Current Affairs

One topic which is of great concern for civil services aspirant is “how to prepare for current affairs”. In recent years the importance of current affairs has proportionally increased with the analytical trend of questions and with the increased number of questions of environment and science. There is no particular trend in which UPSC has asked questions from current events. Its unpredictable nature can be sensed from last year papers.

It covers a wide range of topics which overlap with the CORE subjects like Geography, Polity, Economics, History and dynamic subjects like environment, science and technology. Current Events-based questions ranges from Government Initiatives/Policies, Policies of India which has international ramifications – Look East Policy, International Institutions – IMF, WB, UNSC etc., International Agreements – Non-Proliferation Treaty (NPT), Wassenaar Arrangement, START treaty etc., Good Governance measures taken by the Government, Rights Issues, Social sector initiatives, Sustainable development etc.

Henceforth, it is hard to classify questions under a specific heading/topic. This is the reason, why many of the aspirants are of the notion that, not many questions have been asked from current events in the recent years (from Prelims perspective). But this is wrong!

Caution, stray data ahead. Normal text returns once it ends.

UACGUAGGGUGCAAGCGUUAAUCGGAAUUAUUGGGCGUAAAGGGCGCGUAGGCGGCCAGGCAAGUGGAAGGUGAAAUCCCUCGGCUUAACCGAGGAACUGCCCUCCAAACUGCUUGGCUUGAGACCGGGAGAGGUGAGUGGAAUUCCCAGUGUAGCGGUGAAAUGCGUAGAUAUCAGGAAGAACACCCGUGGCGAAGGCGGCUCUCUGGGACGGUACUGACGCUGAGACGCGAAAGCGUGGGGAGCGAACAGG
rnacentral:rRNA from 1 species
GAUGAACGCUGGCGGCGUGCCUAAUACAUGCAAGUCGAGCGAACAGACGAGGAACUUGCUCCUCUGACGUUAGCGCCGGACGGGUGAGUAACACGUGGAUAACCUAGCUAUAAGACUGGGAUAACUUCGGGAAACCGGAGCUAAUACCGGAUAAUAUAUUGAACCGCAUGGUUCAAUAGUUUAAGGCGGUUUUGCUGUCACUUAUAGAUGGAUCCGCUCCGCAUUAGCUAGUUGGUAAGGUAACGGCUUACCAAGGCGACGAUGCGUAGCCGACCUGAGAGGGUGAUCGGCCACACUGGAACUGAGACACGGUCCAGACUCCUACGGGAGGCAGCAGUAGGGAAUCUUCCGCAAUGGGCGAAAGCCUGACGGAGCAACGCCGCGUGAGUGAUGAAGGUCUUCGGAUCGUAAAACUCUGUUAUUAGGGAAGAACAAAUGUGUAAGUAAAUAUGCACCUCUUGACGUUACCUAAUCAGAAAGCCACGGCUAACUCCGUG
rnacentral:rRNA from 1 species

Hence your preparation should be in depth and correlated with the core subjects which will help you in all the stages (PRELIMS, MAINS, INTERVIEW) of your preparation.

How to Prepare

Limit your sources

A fundamental problem with Current affairs is the deluge of reading material. Remember, running after too much material is counter-productive. Choose quality over quantity. You don’t have to worry about your current affairs preparation as our Daily Current Updates section will cover all the important sources for your preparation. Aspire IAS is known for its Qualitative Study in
Newspaper Analysis Programme.

“A wealth of information leads to a poverty of attention” — Herbert Simon

Your Current Affair sources should include:

  • The Hindu Newspaper
  • Daily Updates by Aspire IAS
  • Daily Newspaper Reading Programme on YouTube
  • Daily MCQs
  • Misc (RSTV’s Big Picture, India’s World, and PRS India)

Limit your time

The problem with most aspirants is not that they neglect newspapers, but they overplay its importance. Some read newspapers for almost 3-4 hours a day, leaving them with no time to read other subjects.

Current affairs are important, newspapers are important, but you should not invest disproportionate amount of time in it. Ideally one should finish reading day’s current affairs under 2 hours. 3-4 hours for everyday current affairs is an overkill.

Your current affairs preparation shall consist of

  • Newspaper reading 30-45 mints everyday
  • Reading of the daily news Updates by Aspire IAS everyday (45 min)
  • A revision of last week’s issues, catching up on All India Radio (selectively)
  • Revision of your newspaper notes after completion of 1 month